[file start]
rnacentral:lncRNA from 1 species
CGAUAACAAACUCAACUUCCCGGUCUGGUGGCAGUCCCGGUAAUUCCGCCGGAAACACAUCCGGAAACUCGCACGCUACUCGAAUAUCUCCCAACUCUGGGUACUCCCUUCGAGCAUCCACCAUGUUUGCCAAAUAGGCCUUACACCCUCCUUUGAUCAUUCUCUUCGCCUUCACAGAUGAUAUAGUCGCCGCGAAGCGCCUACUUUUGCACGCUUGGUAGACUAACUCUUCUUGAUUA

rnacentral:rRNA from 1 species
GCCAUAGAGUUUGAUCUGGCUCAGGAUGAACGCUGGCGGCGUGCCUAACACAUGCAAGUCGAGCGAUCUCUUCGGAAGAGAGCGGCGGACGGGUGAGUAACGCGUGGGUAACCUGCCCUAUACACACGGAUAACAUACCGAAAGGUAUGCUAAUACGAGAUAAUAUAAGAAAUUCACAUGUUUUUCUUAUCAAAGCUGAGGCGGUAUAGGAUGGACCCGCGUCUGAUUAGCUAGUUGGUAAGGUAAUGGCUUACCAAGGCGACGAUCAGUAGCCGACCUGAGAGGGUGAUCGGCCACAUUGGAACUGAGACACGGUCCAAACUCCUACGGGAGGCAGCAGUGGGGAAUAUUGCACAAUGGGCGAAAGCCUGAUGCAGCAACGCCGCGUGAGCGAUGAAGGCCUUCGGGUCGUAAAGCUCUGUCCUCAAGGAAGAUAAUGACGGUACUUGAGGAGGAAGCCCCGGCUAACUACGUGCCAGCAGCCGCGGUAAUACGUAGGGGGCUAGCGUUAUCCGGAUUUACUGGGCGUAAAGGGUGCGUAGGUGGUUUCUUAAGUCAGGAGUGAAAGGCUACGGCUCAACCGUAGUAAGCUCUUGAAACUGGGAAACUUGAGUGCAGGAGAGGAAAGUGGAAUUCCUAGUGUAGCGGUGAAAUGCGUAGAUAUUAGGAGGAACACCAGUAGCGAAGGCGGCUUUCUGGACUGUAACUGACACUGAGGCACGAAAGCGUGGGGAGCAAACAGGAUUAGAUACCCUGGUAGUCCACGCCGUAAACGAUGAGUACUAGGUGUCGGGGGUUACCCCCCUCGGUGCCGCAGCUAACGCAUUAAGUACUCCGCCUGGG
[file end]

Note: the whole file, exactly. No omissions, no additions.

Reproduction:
rnacentral:lncRNA from 1 species
CGAUAACAAACUCAACUUCCCGGUCUGGUGGCAGUCCCGGUAAUUCCGCCGGAAACACAUCCGGAAACUCGCACGCUACUCGAAUAUCUCCCAACUCUGGGUACUCCCUUCGAGCAUCCACCAUGUUUGCCAAAUAGGCCUUACACCCUCCUUUGAUCAUUCUCUUCGCCUUCACAGAUGAUAUAGUCGCCGCGAAGCGCCUACUUUUGCACGCUUGGUAGACUAACUCUUCUUGAUUA

rnacentral:rRNA from 1 species
GCCAUAGAGUUUGAUCUGGCUCAGGAUGAACGCUGGCGGCGUGCCUAACACAUGCAAGUCGAGCGAUCUCUUCGGAAGAGAGCGGCGGACGGGUGAGUAACGCGUGGGUAACCUGCCCUAUACACACGGAUAACAUACCGAAAGGUAUGCUAAUACGAGAUAAUAUAAGAAAUUCACAUGUUUUUCUUAUCAAAGCUGAGGCGGUAUAGGAUGGACCCGCGUCUGAUUAGCUAGUUGGUAAGGUAAUGGCUUACCAAGGCGACGAUCAGUAGCCGACCUGAGAGGGUGAUCGGCCACAUUGGAACUGAGACACGGUCCAAACUCCUACGGGAGGCAGCAGUGGGGAAUAUUGCACAAUGGGCGAAAGCCUGAUGCAGCAACGCCGCGUGAGCGAUGAAGGCCUUCGGGUCGUAAAGCUCUGUCCUCAAGGAAGAUAAUGACGGUACUUGAGGAGGAAGCCCCGGCUAACUACGUGCCAGCAGCCGCGGUAAUACGUAGGGGGCUAGCGUUAUCCGGAUUUACUGGGCGUAAAGGGUGCGUAGGUGGUUUCUUAAGUCAGGAGUGAAAGGCUACGGCUCAACCGUAGUAAGCUCUUGAAACUGGGAAACUUGAGUGCAGGAGAGGAAAGUGGAAUUCCUAGUGUAGCGGUGAAAUGCGUAGAUAUUAGGAGGAACACCAGUAGCGAAGGCGGCUUUCUGGACUGUAACUGACACUGAGGCACGAAAGCGUGGGGAGCAAACAGGAUUAGAUACCCUGGUAGUCCACGCCGUAAACGAUGAGUACUAGGUGUCGGGGGUUACCCCCCUCGGUGCCGCAGCUAACGCAUUAAGUACUCCGCCUGGG